The corpus callosum (CC) is the major interhemispheric fibre bundle in the eutherian brain and has been described as a true evolutionary innovation. This paper reviews the current literature with regard to functional, developmental and genetic concepts that may help elucidate the evolutionary origin of this structure. It has been suggested that the CC arose in the eutherian brain as a more direct and, therefore, more effective system for the interhemispheric integration of topographically organized sensory cortices than the anterior commissure (AC) and hippocampal commissure (HC) already present in nonplacental mammals. It can also be argued, however, that the ability of the CC to integrate the newly evolving motor cortices of placental mammals may have played a role in the evolutionary fixation of this structure. Investigations into the developmental mechanism involved in the formation of the CC and their underlying patterns of gene expression make it possible to formulate a tentative hypothesis about the evolutionary origin of this commissure. This paper suggests that changes in the developmental patterns of the expression of certain regulatory genes may have allowed a first group of callosal pioneering axons to cross the cortical midline. These pioneering fibres may have used the axons of the HC to find their way across the midline. Additional callosal fibres may then have fasciculated with these pioneers. Once the CC had formed in this way, more complex systems of axonal guidance may have evolved over time, thus enabling a gradual increase in the size and complexity of the CC.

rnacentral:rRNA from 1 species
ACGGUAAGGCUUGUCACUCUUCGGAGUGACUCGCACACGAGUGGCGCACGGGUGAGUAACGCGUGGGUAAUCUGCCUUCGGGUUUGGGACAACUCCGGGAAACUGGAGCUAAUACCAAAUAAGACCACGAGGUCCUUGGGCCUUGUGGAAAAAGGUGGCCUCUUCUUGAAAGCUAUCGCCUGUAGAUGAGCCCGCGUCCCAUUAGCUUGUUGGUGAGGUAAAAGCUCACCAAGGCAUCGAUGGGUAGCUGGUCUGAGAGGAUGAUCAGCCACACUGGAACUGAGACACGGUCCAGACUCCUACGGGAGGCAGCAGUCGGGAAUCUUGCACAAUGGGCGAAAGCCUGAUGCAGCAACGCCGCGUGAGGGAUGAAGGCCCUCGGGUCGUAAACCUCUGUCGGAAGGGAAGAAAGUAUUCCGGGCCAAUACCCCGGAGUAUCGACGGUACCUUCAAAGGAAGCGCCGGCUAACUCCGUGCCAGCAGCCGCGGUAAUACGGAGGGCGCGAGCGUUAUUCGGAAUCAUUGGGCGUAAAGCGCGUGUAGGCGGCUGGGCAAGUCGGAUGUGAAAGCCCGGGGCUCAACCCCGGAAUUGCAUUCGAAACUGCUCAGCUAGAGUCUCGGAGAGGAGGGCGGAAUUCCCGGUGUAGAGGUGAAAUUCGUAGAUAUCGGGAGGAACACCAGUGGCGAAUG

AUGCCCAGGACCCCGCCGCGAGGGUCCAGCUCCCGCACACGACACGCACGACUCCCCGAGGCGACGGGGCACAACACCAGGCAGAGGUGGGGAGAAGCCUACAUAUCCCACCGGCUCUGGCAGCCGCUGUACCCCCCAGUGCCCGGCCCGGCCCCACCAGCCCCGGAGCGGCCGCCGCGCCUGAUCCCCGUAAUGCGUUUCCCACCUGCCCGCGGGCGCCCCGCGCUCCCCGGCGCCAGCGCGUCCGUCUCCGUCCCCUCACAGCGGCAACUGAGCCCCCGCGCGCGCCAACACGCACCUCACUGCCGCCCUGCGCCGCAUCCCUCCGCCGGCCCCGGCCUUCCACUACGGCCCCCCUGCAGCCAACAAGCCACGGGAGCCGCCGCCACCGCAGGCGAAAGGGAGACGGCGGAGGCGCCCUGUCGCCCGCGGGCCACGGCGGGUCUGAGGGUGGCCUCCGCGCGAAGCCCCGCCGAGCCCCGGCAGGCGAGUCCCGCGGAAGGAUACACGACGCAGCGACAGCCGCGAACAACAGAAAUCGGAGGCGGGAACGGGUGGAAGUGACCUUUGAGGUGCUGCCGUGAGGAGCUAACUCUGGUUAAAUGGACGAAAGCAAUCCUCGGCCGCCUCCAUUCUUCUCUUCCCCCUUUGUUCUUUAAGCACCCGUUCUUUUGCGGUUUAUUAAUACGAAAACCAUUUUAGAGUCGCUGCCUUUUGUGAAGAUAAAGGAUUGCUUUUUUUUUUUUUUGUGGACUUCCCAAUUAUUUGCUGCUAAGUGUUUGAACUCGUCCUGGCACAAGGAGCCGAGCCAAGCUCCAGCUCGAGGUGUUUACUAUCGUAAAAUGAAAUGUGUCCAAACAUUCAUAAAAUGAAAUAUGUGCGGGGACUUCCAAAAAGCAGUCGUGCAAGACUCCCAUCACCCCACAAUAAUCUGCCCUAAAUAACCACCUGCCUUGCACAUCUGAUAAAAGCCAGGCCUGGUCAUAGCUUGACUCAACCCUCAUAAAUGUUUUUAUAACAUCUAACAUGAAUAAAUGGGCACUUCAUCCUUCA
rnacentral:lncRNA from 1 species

|Number of pages||10|
|Journal||Journal of experimental zoology. Part B, Molecular and developmental evolution|
|Publication status||Published - 2006|